ESG investment is an opportunity for farmers and can help increase production, according to a top banking executive from the country’s biggest lender to British agriculture.

Lloyds Banking Group held a panel event with Cambridge Judge Business School, focusing on how environmental, social and governance (ESG) investments can support sustainable agriculture, identifying the benefits for UK farmers.

The event, part of Cambridge Judge Business School’s ESG week, aimed to create a deeper understanding of how sustainable finance can drive positive change in agriculture.

Experts from finance, farming and research explored intersections between the sectors during the discussion.

Tom Martin, Lloyds Banking Group’s ambassador for the east of England and business platform lead for economic crime prevention said: “The major priorities ESG investors are concerned with are environmental issues linked to carbon emissions, biodiversity, and land/water management.

“This presents an opportunity for UK farmers as they can prove an ESG benefit where they are boosting production and profitability through sustainable practices.”

Martin added: “Investment can often seem far removed from farmers’ day-to-day realities. Our role is to advocate for farmers in this transition and make ESG tangible from their perspective, not just in institutional terms.

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“We want to bridge the gap, framing ESG not as taking land out of food production, but rather as enhancing productivity, food production, and profitability.”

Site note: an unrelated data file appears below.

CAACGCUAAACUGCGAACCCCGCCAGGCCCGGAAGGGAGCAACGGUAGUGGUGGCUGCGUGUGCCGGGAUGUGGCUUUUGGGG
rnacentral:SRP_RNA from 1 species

Lloyds agriculture sustainability director, Ben Makowiecki, added: “There is a lack of clear and trustworthy information about ESG options because these concepts are relatively new and non-regulated, which is currently a barrier.”

“For ESG investment to be practical, the approach needs to be tailored to suit different farm business models, this is where Lloyds is working to expand its support and lending options.”

Investment options include Lloyds’ Clean Growth Financing Initiative (CGFI), which offers fee-free lending for farm businesses to implement sustainable projects and reduce their impact across water, waste, energy, and carbon/greenhouse gas emissions.

Practical examples of ESG investment shared by Lloyds Banking Group included supporting the Soil Association Exchange (SAX) programme to help farmers transition to greater sustainability.

“This programme provides on-farm consultancy, which we are funding for 1,000 customers to help farmers access funding mechanisms for introducing sustainable practices, addressing six key areas including carbon, soil health and biodiversity,” Makowiecki said.

In February, it was revealed more than 10,000 farmers across England applied for the improved Sustainable Farming Incentive since it opened in September.

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